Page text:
Year two of American Athletic Conference basketball is upon us. What will it bring? Realignment already hit the league hard after its first year, as Louisville and Rutgers are gone. The Cardinals will Duke it out (pun intended) in the deep ACC, while Rutgers heads to the Big Ten.
Despite the shuffling, the AAC is brimming with confidence thanks to Connecticut’s championship run. Shabazz Napier won over many college basketball fans with his dominant March performance, and Kevin Ollie cemented his name as one of America’s top coaches in just his second year on the job.
Some folks in Big Blue Nation or in Durham will have something to say about talk of the Huskies repeating, but UConn is good enough to win the AAC. But who else can reach the NCAA tournament?
The committee had little respect for the league last year; all four teams that made the NCAAs were arguably underseeded, and SMU was snubbed. Will there be enough depth and quality teams in the league to change that lack of respect?
Let’s examine each team and find out.
In projected order of finish:
2013-14 record: 32-8, 12-6 AAC
Postseason: NCAA champions
2013-14 recap: The Huskies were college basketball’s top dog for the second time in four seasons. They were the first No. 7 seed to win a championship and did so by knocking off Kentucky 60-54. They also beat Florida twice, once in December and once in the Final Four. Shabazz Napier owned the tournament and the AAC last year, earning the Final Four Most Outstanding Player award and the AAC Player of the Year honors.
Notable losses: G Shabazz Napier, F DeAndre Daniels, F Niels Giffey
Notable additions: G Sam Cassell Jr., G Daniel Hamilton, G Rodney Purvis*
(Note: players that transferred after 2012-13 and sat out last season are included in “notable additions”, they are marked by an (*). Players who transferred after the 2013-14 season and will sit out are not included).
2014-15 outlook: This is Boatright’s team, but can he be the guy? He was great as UConn’s second option in his first three years, but can he lead the team like Napier did? He has had all offseason to grow into the role. Fortunately, he will have help replacing Napier’s production. Preseason Rookie of the Year Hamilton and N.C. State transfer Purvis are capable scorers. Junior college transfer Cassell Jr. can be a great shooter from deep, like Giffey was. UConn also returns big men Philip Nolan and Amida Brimah. Brimah can be an elite defender, but the 7-footer is still raw and has work to do offensively. Still, his rebounding and shot blocking are essential. UConn is good enough to win in March again, but the Huskies may need a few games to gel.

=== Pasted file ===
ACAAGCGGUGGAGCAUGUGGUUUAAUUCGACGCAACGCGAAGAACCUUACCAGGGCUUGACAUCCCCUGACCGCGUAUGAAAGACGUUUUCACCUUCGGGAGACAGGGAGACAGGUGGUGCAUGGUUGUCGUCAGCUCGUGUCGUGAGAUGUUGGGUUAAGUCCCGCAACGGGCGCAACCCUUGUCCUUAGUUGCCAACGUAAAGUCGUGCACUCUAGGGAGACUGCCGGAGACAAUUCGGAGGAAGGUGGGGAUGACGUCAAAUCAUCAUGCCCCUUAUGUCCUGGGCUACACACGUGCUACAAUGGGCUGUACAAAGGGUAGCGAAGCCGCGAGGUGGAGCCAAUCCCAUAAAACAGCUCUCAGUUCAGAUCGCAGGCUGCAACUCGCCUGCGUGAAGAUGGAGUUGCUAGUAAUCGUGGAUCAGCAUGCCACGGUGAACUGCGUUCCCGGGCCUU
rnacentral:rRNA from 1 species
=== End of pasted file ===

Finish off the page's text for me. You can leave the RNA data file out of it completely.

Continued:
2013-14 record: 27-10, 12-6 AAC
Postseason: NIT finals
2013-14 recap: The Mustangs were the only team to knock of the national champions twice. That alone is worthy of a tournament bid, right? Unfortunately, the selection committee did not see it that way and kept the Mustangs out, even though SMU also beat ranked foes Cincinnati and Memphis by double figures. SMU still reached the NIT title game, but fell to Minnesota.
2014-15 outlook: Everybody knows about Emmanuel Mudiay’s situation at this point. Even without Mudiay, Larry Brown has a deep and versatile roster with 10 guys that can play. One beef with the Mustangs last year was their weak nonconference schedule. But this year they have five tough nonconference games (at Gonzaga, at Indiana, at Michigan, vs. Arkansas and vs. Wyoming) that will give them a big boost in strength of schedule. Markus Kennedy will likely miss some early games because of eligibility issues, but Ben Moore, Justin Martin, Yanick Moreira and Cannen Cunningham are capable of replacing his production. Moreira dominated in the FIBA World Cup, and he will explode onto the scene this year. He could become the conferences’ most dominant player. Ben Emelogu was ruled eligible after transferring from Virginia Tech, and he gives the Mustangs much needed guard depth behind Nic Moore. Moore might be the conference’s best player, and he should lead Ponies to the NCAA tournament for the first time since 1993.
2013-14 record: 24-10, 12-6 AAC
Postseason: NCAA third round
2013-14 recap: The Tigers did not miss a beat in their transition from Conference USA, reaching the NCAA tournament for the fourth straight season. The senior-led team had plenty of good wins (two against Louisville, vs. Gonzaga, vs. SMU), but faded a bit down the stretch and lost early in the conference tournament. Memphis still beat George Washington in the NCAA tournament before falling to Virginia.
2014-15 outlook: Josh Pastner’s crew lost its four best guards from last season, leaving a backcourt full of players who have never played a minute of Division I basketball. Luckily, Vanderbilt transfer Kedren Johnson was ruled eligible for this season and can lead the young backcourt. He averaged 13.5 points for the Commodores last season. But the Tigers will go as far as their frontcourt takes them. Forward Shaq Goodwin is as good any big man in the conference. His frontcourt running mate, sophomore Austin Nichols, is primed for stardom after winning Rookie of the Year in 2013-14. ?By season’s end, sophomore wing and former five-star recruit Nick King could establish himself as one of the better scorers in this league. Memphis lacks experience, but is talented enough to make the NCAA tournament for the fifth year in a row.
Projected starting lineup:
G Kedren Johnson
G Dominic Magee
G/F Nick King
F Austin Nichols
F Shaq Goodwin
2013-14 record: 9-22, 4-14 AAC
2013-14 recap: Temple lost five seniors from its 2012-13 team, including point guard Khalif Wyatt, who was one of the nation’s best scorers. The Owls failed to make the NCAA tournament for the first time since 2007, and they gave up an astounding 78.3 points per game.